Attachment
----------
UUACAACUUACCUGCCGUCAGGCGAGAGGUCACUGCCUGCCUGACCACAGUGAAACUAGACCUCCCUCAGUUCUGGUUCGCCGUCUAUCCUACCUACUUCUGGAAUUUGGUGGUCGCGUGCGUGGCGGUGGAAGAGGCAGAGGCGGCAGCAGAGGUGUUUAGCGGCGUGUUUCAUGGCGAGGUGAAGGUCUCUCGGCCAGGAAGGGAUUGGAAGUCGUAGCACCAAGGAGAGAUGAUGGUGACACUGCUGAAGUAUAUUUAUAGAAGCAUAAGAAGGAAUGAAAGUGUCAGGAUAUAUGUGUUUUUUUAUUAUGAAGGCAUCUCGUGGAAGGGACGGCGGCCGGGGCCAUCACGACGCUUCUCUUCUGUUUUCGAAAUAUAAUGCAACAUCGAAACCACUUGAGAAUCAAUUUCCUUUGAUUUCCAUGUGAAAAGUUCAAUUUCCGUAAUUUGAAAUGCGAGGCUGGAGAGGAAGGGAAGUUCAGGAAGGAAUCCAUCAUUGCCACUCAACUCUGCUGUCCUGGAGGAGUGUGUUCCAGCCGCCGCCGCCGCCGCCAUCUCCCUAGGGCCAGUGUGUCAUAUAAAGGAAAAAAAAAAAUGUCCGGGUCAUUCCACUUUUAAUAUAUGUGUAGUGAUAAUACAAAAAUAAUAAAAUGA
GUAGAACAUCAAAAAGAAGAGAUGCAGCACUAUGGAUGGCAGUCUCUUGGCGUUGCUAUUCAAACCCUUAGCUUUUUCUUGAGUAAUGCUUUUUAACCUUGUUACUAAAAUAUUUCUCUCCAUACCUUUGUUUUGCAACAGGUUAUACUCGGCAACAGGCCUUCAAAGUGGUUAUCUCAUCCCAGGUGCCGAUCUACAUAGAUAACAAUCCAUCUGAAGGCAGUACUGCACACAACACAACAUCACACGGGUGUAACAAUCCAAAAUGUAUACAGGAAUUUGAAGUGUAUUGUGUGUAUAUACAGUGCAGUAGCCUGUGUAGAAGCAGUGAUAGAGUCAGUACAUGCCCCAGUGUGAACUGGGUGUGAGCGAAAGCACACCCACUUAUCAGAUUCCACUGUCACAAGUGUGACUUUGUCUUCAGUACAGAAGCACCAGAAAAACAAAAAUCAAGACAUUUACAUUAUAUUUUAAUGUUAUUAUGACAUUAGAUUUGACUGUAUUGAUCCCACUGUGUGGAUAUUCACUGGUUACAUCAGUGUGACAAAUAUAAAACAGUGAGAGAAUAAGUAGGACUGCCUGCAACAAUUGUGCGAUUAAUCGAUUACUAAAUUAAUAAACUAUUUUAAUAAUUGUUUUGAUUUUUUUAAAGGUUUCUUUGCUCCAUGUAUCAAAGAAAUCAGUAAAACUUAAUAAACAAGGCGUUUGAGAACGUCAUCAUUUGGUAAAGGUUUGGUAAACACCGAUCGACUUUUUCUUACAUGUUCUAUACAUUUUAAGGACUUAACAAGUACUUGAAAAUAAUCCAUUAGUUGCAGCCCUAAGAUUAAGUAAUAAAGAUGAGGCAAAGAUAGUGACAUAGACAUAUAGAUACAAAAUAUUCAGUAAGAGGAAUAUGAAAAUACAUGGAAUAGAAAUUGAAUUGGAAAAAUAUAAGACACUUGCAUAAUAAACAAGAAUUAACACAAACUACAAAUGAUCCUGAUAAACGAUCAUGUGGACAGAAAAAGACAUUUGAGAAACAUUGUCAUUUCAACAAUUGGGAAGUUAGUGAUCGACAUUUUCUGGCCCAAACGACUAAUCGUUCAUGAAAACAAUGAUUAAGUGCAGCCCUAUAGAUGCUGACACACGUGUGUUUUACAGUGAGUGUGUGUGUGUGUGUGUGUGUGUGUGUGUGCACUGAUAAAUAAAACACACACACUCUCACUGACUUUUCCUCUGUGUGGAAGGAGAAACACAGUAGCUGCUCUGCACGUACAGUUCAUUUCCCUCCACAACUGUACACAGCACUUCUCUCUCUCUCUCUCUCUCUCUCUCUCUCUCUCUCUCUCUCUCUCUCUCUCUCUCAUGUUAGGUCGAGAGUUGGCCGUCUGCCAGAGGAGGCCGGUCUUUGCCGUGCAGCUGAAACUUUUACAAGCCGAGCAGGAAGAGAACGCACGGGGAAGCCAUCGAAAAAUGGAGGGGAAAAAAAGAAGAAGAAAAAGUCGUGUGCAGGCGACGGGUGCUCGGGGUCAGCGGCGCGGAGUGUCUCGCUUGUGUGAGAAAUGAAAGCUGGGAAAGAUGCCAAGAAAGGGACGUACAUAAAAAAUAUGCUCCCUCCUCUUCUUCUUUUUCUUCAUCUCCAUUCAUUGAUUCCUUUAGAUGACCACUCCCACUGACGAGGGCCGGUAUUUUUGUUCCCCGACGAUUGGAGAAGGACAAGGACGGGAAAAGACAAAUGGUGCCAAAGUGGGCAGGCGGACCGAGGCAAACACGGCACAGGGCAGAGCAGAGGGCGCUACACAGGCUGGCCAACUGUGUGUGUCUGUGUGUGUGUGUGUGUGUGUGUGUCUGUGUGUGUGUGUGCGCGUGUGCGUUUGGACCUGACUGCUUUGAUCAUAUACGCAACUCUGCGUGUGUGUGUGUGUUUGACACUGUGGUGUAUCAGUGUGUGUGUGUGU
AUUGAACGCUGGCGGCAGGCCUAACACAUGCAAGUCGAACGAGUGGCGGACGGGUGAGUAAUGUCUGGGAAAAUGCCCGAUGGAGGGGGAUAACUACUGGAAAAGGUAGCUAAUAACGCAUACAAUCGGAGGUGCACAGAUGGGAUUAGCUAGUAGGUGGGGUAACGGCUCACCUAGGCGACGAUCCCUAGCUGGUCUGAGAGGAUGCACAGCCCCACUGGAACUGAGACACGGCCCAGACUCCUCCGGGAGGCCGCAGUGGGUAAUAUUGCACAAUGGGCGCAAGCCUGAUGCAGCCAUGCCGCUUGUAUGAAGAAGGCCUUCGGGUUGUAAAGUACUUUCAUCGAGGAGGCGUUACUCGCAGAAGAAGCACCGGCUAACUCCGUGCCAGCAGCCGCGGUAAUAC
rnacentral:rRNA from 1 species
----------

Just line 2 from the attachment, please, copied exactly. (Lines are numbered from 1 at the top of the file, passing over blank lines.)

GUAGAACAUCAAAAAGAAGAGAUGCAGCACUAUGGAUGGCAGUCUCUUGGCGUUGCUAUUCAAACCCUUAGCUUUUUCUUGAGUAAUGCUUUUUAACCUUGUUACUAAAAUAUUUCUCUCCAUACCUUUGUUUUGCAACAGGUUAUACUCGGCAACAGGCCUUCAAAGUGGUUAUCUCAUCCCAGGUGCCGAUCUACAUAGAUAACAAUCCAUCUGAAGGCAGUACUGCACACAACACAACAUCACACGGGUGUAACAAUCCAAAAUGUAUACAGGAAUUUGAAGUGUAUUGUGUGUAUAUACAGUGCAGUAGCCUGUGUAGAAGCAGUGAUAGAGUCAGUACAUGCCCCAGUGUGAACUGGGUGUGAGCGAAAGCACACCCACUUAUCAGAUUCCACUGUCACAAGUGUGACUUUGUCUUCAGUACAGAAGCACCAGAAAAACAAAAAUCAAGACAUUUACAUUAUAUUUUAAUGUUAUUAUGACAUUAGAUUUGACUGUAUUGAUCCCACUGUGUGGAUAUUCACUGGUUACAUCAGUGUGACAAAUAUAAAACAGUGAGAGAAUAAGUAGGACUGCCUGCAACAAUUGUGCGAUUAAUCGAUUACUAAAUUAAUAAACUAUUUUAAUAAUUGUUUUGAUUUUUUUAAAGGUUUCUUUGCUCCAUGUAUCAAAGAAAUCAGUAAAACUUAAUAAACAAGGCGUUUGAGAACGUCAUCAUUUGGUAAAGGUUUGGUAAACACCGAUCGACUUUUUCUUACAUGUUCUAUACAUUUUAAGGACUUAACAAGUACUUGAAAAUAAUCCAUUAGUUGCAGCCCUAAGAUUAAGUAAUAAAGAUGAGGCAAAGAUAGUGACAUAGACAUAUAGAUACAAAAUAUUCAGUAAGAGGAAUAUGAAAAUACAUGGAAUAGAAAUUGAAUUGGAAAAAUAUAAGACACUUGCAUAAUAAACAAGAAUUAACACAAACUACAAAUGAUCCUGAUAAACGAUCAUGUGGACAGAAAAAGACAUUUGAGAAACAUUGUCAUUUCAACAAUUGGGAAGUUAGUGAUCGACAUUUUCUGGCCCAAACGACUAAUCGUUCAUGAAAACAAUGAUUAAGUGCAGCCCUAUAGAUGCUGACACACGUGUGUUUUACAGUGAGUGUGUGUGUGUGUGUGUGUGUGUGUGUGUGCACUGAUAAAUAAAACACACACACUCUCACUGACUUUUCCUCUGUGUGGAAGGAGAAACACAGUAGCUGCUCUGCACGUACAGUUCAUUUCCCUCCACAACUGUACACAGCACUUCUCUCUCUCUCUCUCUCUCUCUCUCUCUCUCUCUCUCUCUCUCUCUCUCUCUCUCAUGUUAGGUCGAGAGUUGGCCGUCUGCCAGAGGAGGCCGGUCUUUGCCGUGCAGCUGAAACUUUUACAAGCCGAGCAGGAAGAGAACGCACGGGGAAGCCAUCGAAAAAUGGAGGGGAAAAAAAGAAGAAGAAAAAGUCGUGUGCAGGCGACGGGUGCUCGGGGUCAGCGGCGCGGAGUGUCUCGCUUGUGUGAGAAAUGAAAGCUGGGAAAGAUGCCAAGAAAGGGACGUACAUAAAAAAUAUGCUCCCUCCUCUUCUUCUUUUUCUUCAUCUCCAUUCAUUGAUUCCUUUAGAUGACCACUCCCACUGACGAGGGCCGGUAUUUUUGUUCCCCGACGAUUGGAGAAGGACAAGGACGGGAAAAGACAAAUGGUGCCAAAGUGGGCAGGCGGACCGAGGCAAACACGGCACAGGGCAGAGCAGAGGGCGCUACACAGGCUGGCCAACUGUGUGUGUCUGUGUGUGUGUGUGUGUGUGUGUGUCUGUGUGUGUGUGUGCGCGUGUGCGUUUGGACCUGACUGCUUUGAUCAUAUACGCAACUCUGCGUGUGUGUGUGUGUUUGACACUGUGGUGUAUCAGUGUGUGUGUGUGU